Deep Water Waves

Join the discussion with our strategists and explore the interplay between the long-term drivers that face investors over the coming decade.

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Kim Catechis

Kim Catechis
Investment Strategist,
Franklin Templeton Investment Institute

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Kim Catechis has 34 years of investment experience spanning developed and emerging market equities. He joined Martin Currie in 2010 and was its Head of Investment Strategy since 2019, before transitioning to Franklin Templeton Investment Institute in April 2021.

Deep Water Waves: Global Fixed Income

Friday, November 05, 2021

This webinar will feature a lively panel discussion on global fixed income trends with two investment experts from Western Asset Management and Brandywine Global, firms with a combined US$556 billion in assets globally.
Available in English and French.

Research on the long-term drivers of performance
facing investors

We are living in a period of great seismic change, where our world is constantly evolving. This progression and its consequences are the focus of Franklin Templeton Investment Institute’s research, Deep Water Waves.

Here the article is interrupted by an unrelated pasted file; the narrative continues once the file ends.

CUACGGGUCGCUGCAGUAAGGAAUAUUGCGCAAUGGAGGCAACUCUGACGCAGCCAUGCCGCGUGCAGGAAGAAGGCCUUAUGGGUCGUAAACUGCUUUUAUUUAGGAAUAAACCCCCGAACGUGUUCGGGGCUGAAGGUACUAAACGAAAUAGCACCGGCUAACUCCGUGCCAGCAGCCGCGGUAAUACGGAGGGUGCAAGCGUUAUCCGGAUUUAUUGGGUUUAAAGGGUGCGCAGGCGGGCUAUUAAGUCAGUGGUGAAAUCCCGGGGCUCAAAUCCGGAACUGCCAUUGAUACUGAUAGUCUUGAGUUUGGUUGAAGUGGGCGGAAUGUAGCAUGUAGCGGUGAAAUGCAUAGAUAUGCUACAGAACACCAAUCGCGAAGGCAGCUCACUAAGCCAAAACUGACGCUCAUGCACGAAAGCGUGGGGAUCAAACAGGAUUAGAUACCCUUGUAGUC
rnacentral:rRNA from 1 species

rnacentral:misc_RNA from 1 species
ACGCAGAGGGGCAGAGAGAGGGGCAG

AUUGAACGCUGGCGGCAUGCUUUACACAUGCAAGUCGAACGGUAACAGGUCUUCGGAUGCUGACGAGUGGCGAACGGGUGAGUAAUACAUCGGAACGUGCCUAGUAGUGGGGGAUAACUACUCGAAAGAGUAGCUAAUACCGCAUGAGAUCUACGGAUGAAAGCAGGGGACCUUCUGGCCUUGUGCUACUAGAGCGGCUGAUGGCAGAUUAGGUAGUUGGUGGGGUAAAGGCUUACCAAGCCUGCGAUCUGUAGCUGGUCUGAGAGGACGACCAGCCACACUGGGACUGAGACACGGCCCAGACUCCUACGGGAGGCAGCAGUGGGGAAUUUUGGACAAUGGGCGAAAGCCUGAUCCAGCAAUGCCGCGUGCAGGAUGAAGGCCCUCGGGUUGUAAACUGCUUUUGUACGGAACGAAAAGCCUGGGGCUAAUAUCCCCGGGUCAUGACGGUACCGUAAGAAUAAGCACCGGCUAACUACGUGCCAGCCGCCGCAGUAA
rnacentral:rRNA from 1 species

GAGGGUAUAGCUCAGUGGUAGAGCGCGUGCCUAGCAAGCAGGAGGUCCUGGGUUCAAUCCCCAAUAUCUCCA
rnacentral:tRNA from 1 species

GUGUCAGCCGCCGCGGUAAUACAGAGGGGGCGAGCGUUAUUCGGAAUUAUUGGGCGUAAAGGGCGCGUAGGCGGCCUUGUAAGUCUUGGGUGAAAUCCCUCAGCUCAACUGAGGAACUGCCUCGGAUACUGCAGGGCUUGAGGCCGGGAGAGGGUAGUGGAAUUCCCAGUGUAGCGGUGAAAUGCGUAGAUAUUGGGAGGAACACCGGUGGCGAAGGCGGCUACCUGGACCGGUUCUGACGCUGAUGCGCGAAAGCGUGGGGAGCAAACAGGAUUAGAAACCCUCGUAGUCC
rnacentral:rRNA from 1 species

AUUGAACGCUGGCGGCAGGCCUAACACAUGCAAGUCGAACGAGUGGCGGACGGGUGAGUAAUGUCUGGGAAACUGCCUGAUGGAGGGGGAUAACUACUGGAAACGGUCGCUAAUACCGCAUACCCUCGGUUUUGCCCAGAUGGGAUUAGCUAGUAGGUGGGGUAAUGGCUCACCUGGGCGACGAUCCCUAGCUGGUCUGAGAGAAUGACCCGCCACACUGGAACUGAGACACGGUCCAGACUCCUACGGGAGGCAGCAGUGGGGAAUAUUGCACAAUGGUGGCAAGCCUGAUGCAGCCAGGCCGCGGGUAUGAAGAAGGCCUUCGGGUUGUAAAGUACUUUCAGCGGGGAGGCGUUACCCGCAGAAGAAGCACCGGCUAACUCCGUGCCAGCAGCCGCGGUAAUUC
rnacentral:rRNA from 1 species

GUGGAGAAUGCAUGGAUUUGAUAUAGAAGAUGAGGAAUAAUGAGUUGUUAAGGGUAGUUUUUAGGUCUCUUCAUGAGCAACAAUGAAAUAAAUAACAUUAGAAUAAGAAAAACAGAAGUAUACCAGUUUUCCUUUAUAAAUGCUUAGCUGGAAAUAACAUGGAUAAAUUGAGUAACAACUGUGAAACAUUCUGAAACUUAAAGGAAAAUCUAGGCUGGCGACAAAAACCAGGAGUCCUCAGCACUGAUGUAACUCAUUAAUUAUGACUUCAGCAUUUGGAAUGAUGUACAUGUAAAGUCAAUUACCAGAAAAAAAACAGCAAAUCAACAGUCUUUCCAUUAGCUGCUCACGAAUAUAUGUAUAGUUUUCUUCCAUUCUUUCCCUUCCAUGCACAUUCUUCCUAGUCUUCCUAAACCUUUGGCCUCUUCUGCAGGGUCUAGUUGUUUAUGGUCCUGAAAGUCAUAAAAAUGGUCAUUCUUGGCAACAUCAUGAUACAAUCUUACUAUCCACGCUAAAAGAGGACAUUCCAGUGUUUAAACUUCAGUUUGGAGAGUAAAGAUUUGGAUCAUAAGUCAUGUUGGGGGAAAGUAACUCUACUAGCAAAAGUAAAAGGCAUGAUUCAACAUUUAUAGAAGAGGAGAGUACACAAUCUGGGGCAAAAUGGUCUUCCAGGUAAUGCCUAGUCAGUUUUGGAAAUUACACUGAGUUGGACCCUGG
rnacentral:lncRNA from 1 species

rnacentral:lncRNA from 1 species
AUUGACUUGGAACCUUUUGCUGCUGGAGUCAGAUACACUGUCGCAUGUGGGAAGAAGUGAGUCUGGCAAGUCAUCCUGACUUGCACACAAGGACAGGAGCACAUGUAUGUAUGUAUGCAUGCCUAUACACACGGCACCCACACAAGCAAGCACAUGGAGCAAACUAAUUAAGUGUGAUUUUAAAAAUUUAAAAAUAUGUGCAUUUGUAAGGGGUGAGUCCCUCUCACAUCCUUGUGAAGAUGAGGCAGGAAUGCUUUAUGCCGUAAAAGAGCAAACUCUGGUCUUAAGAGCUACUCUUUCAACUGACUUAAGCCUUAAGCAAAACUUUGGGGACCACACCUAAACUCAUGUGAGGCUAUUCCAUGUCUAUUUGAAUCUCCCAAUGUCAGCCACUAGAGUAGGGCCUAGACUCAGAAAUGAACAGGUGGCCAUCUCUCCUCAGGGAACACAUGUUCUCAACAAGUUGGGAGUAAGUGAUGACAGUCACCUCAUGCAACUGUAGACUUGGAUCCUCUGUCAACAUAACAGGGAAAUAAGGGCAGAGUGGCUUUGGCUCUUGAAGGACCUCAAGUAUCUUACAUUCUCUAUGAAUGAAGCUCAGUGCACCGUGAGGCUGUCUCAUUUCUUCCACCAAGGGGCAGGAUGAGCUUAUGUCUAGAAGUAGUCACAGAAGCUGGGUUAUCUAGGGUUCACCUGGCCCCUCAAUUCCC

These waves represent powerful long-term drivers that will fundamentally alter the economic, political and public policy foundations for all asset prices.

Authored by Kim Catechis, strategist at the Franklin Templeton Investment Institute (FTII), Deep Water Waves includes in-depth research exploring each wave and their potential impact.

Deep Water Waves also analyzes how 70 countries* from across the globe are preparing for the challenges outlined in the main paper, providing ratings for each nation.

In addition, the FTII team will explore the implications of these major waves on the different asset classes with Franklin Templeton’s range of specialist investment managers in a special webinar series.

WHAT ARE DEEP WATER WAVES
(2:00 running time)

Forces for Change

THE DEMOGRAPHIC WAVE